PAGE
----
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Romance and Risk: Romantic Attraction and Health Risks in the Process of Relationship Formation
Unformatted Document Text:  2 explain the lack of relationship between perceived risk and condom use, some authors raise questions about measurement (e.g., Poppen & Reisen, 1997; Weinstein & Nicolich, 1993). Reisen and Poppen (1999) suggested the use of a specific, partner-based risk measure (i.e., how likely is it that you will contract AIDS from your current partner?) instead of a global risk measure (i.e., how likely is it that you will contract AIDS in the future?). They argued that one’s own risk perceptions and behaviors can vary with the perceptions of one’s partner being high or low risk. In contrast, Rosenstock, Strecher and Becker (1994) suggested that measures of risk should have behavioral anchors. That is, rather than simply assessing the likelihood that one will “get” AIDS (or some other disease) in general or from a specific partner, the risk question should be tied to a specific behavior. Consistent with this, Fishbein and Jarvis (2000) found that the stronger one’s belief that unprotected sex with their partner puts one at risk for HIV, the more likely is one to always use a condom with that partner. They also found that while condom use was essentially unrelated to STD incidence among those with “low risk” partners, correct and consistent condom use with “risky” partners did significantly reduce STD incidence. These findings suggest that people may, to some extent, be accurate in judging their partner’s risk status. In fact, other research shows that on an ordinal level, people are fairly accurate judges of their own general risk of acquiring AIDS,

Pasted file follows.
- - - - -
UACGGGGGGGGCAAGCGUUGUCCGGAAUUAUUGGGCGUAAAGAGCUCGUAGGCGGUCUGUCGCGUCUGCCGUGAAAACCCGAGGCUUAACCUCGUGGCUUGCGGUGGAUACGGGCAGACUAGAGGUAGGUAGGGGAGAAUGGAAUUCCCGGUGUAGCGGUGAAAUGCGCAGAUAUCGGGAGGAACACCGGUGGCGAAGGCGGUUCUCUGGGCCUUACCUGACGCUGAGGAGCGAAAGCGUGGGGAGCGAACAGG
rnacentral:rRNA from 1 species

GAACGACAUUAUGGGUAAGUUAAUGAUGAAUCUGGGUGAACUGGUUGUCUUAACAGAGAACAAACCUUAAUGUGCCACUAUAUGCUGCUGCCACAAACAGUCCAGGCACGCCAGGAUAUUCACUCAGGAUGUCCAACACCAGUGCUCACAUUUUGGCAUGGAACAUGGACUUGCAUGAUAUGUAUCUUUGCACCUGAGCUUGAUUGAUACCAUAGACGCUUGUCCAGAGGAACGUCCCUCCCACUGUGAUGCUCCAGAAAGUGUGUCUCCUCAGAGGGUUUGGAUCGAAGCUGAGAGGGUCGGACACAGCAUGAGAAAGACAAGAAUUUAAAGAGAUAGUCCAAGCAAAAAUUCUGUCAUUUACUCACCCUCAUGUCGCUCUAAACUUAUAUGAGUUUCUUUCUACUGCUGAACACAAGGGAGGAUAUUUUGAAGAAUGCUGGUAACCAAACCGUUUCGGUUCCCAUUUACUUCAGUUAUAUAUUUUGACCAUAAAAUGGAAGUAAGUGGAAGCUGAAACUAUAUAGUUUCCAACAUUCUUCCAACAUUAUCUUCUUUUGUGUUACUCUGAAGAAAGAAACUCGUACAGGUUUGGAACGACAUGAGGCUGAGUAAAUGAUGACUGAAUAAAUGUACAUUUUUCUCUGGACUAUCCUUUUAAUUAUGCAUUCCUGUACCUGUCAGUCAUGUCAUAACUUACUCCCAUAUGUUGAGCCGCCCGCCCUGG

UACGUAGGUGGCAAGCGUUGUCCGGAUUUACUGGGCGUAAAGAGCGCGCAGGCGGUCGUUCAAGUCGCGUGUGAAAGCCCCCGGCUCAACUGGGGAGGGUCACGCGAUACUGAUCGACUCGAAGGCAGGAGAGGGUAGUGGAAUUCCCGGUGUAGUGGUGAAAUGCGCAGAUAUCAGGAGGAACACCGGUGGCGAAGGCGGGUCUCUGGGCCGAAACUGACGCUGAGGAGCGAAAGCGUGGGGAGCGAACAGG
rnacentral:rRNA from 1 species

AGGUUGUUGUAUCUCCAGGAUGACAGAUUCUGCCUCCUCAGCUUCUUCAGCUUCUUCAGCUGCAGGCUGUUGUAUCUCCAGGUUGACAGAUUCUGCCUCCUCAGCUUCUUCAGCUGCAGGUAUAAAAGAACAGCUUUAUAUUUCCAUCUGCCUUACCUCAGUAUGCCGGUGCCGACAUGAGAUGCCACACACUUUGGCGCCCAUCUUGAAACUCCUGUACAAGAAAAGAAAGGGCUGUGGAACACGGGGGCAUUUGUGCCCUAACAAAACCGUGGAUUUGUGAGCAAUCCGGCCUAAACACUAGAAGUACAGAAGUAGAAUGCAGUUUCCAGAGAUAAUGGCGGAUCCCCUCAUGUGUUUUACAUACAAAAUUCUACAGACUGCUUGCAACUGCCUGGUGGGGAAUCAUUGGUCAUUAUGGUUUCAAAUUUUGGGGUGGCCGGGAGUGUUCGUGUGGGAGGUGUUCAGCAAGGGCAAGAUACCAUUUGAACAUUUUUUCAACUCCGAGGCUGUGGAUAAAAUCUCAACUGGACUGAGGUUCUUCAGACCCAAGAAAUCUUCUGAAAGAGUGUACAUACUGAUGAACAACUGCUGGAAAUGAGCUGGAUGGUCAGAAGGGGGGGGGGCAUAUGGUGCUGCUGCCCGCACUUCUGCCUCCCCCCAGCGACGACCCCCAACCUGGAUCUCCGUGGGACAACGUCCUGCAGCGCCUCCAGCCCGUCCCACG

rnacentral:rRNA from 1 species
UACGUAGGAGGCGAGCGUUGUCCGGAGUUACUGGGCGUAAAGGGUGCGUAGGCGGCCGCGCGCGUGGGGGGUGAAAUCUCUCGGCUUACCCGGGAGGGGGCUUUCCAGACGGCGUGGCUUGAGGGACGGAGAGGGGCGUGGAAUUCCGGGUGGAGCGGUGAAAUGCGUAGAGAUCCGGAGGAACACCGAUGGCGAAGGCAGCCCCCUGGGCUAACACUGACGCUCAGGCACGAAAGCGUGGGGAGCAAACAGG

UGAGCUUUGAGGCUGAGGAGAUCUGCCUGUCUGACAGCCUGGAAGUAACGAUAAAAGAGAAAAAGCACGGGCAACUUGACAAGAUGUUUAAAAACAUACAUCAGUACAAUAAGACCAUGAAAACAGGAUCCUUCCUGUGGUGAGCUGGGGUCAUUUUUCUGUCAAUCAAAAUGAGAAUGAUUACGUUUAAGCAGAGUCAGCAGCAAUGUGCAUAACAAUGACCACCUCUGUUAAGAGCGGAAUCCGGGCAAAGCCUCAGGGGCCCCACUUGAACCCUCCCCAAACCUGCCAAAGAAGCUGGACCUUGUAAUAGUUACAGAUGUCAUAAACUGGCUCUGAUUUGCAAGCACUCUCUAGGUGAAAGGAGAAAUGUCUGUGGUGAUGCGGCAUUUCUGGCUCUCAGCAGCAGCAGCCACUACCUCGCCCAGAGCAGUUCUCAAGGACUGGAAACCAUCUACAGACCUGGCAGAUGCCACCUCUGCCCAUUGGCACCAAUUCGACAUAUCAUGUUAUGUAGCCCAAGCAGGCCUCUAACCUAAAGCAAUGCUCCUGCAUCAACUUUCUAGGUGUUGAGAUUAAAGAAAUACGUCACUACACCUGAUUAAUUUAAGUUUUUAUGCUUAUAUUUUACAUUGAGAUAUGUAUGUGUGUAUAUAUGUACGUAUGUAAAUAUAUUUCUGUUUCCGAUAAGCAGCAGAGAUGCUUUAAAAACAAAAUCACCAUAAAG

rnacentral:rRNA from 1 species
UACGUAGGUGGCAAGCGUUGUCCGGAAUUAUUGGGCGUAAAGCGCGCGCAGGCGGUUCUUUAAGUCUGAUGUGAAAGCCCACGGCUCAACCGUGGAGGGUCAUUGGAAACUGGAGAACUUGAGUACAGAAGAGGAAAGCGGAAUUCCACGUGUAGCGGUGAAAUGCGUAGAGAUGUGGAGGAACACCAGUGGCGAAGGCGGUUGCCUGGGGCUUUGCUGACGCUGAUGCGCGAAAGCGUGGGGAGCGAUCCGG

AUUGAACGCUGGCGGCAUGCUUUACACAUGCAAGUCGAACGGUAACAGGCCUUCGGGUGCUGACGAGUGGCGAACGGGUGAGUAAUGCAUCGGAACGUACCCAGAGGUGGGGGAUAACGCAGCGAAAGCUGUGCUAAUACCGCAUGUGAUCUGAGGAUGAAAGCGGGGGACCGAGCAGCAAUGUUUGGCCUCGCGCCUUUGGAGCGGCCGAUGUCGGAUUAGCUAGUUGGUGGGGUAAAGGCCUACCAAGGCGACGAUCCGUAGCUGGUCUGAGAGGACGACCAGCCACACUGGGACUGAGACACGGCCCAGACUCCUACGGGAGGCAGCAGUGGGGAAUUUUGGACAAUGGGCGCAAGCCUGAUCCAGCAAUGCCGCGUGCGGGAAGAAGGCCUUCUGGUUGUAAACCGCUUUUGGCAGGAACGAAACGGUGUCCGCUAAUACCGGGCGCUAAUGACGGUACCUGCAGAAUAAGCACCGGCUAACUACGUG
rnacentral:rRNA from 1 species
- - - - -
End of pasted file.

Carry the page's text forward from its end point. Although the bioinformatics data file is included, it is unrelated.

Authors: Johnson, Brenda., Fishbein, Martin., Hennessy, Michael. and Yzer, Marcus.
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explain the lack of relationship between perceived risk and condom
use, some authors raise questions about measurement (e.g., Poppen
& Reisen, 1997; Weinstein & Nicolich, 1993). Reisen and Poppen
(1999) suggested the use of a specific, partner-based risk measure
(i.e., how likely is it that you will contract AIDS from your
current partner?) instead of a global risk measure (i.e., how
likely is it that you will contract AIDS in the future?). They
argued that one’s own risk perceptions and behaviors can vary with
the perceptions of one’s partner being high or low risk. In
contrast, Rosenstock, Strecher and Becker (1994) suggested that
measures of risk should have behavioral anchors. That is, rather
than simply assessing the likelihood that one will “get” AIDS (or
some other disease) in general or from a specific partner, the
risk question should be tied to a specific behavior. Consistent
with this, Fishbein and Jarvis (2000) found that the stronger
one’s belief that unprotected sex with their partner puts one at
risk for HIV, the more likely is one to always use a condom with
that partner. They also found that while condom use was
essentially unrelated to STD incidence among those with “low risk”
partners, correct and consistent condom use with “risky” partners
did significantly reduce STD incidence.
These findings suggest that people may, to some extent, be
accurate in judging their partner’s risk status. In fact, other
research shows that on an ordinal level, people are fairly
accurate judges of their own general risk of acquiring AIDS,


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